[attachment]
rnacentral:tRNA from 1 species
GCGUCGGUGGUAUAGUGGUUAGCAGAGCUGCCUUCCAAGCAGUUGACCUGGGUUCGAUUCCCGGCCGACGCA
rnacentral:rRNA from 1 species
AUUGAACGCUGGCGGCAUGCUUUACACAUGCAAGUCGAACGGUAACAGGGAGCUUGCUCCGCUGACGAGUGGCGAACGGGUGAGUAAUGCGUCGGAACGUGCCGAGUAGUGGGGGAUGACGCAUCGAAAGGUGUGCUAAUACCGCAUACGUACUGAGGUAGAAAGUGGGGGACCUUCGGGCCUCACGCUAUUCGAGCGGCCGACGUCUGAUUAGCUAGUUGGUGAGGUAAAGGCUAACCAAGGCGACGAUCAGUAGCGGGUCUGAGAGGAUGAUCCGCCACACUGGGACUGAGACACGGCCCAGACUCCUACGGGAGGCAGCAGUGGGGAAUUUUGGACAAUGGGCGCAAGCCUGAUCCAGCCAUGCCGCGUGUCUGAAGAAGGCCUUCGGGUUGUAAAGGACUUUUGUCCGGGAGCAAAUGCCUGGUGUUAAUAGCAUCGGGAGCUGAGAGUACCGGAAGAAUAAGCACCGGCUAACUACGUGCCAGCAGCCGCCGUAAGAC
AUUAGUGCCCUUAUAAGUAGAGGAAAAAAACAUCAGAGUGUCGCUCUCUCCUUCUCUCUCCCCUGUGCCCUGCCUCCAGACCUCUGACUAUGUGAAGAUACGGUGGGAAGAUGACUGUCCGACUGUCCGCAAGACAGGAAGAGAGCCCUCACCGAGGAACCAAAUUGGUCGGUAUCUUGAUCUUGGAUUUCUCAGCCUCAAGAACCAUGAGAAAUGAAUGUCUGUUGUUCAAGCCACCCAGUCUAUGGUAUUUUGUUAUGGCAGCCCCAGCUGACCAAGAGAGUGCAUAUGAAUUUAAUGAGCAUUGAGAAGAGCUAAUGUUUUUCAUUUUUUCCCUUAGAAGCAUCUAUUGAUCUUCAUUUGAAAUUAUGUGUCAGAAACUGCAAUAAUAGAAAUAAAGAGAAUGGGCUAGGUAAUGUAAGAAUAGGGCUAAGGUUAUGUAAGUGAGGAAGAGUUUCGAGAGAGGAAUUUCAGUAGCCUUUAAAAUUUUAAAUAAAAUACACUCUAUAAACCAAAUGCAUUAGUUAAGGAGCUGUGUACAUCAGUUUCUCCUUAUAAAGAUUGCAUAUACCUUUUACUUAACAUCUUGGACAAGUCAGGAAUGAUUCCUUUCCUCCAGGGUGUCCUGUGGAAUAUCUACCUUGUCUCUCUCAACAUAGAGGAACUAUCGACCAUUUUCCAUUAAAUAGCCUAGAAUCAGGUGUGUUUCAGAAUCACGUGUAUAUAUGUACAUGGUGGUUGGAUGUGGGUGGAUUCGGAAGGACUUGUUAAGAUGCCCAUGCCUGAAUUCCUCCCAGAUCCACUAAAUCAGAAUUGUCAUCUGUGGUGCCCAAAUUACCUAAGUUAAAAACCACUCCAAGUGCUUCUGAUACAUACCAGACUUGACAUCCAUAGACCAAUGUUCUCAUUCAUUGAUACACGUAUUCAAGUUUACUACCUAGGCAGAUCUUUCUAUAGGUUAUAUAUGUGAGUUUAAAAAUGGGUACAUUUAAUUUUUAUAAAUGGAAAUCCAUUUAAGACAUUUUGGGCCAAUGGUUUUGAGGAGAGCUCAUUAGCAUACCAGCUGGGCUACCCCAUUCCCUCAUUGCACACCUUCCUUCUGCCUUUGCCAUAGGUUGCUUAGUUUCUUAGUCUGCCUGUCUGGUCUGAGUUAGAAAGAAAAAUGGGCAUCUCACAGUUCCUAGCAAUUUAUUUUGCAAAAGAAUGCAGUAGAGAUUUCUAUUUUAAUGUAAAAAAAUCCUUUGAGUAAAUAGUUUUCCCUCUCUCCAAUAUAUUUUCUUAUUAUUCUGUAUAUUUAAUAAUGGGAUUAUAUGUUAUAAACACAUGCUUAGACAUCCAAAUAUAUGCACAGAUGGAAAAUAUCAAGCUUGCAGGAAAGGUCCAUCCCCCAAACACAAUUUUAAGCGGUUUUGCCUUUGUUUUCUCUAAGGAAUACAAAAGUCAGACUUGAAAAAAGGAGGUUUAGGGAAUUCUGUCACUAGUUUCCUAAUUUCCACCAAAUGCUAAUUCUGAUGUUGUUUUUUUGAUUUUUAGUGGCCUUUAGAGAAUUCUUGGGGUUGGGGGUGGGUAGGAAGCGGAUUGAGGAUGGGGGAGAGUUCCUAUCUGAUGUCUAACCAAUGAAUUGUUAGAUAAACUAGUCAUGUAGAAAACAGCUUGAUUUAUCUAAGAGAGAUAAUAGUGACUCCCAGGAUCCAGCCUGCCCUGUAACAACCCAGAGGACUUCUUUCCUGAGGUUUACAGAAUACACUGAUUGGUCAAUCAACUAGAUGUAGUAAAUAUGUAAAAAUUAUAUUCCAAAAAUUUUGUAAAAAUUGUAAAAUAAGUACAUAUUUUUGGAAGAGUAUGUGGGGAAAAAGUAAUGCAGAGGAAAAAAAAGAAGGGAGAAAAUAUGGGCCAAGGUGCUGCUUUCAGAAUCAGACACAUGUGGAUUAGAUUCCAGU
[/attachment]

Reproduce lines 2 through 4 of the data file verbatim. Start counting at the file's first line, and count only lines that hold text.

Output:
GCGUCGGUGGUAUAGUGGUUAGCAGAGCUGCCUUCCAAGCAGUUGACCUGGGUUCGAUUCCCGGCCGACGCA
rnacentral:rRNA from 1 species
AUUGAACGCUGGCGGCAUGCUUUACACAUGCAAGUCGAACGGUAACAGGGAGCUUGCUCCGCUGACGAGUGGCGAACGGGUGAGUAAUGCGUCGGAACGUGCCGAGUAGUGGGGGAUGACGCAUCGAAAGGUGUGCUAAUACCGCAUACGUACUGAGGUAGAAAGUGGGGGACCUUCGGGCCUCACGCUAUUCGAGCGGCCGACGUCUGAUUAGCUAGUUGGUGAGGUAAAGGCUAACCAAGGCGACGAUCAGUAGCGGGUCUGAGAGGAUGAUCCGCCACACUGGGACUGAGACACGGCCCAGACUCCUACGGGAGGCAGCAGUGGGGAAUUUUGGACAAUGGGCGCAAGCCUGAUCCAGCCAUGCCGCGUGUCUGAAGAAGGCCUUCGGGUUGUAAAGGACUUUUGUCCGGGAGCAAAUGCCUGGUGUUAAUAGCAUCGGGAGCUGAGAGUACCGGAAGAAUAAGCACCGGCUAACUACGUGCCAGCAGCCGCCGUAAGAC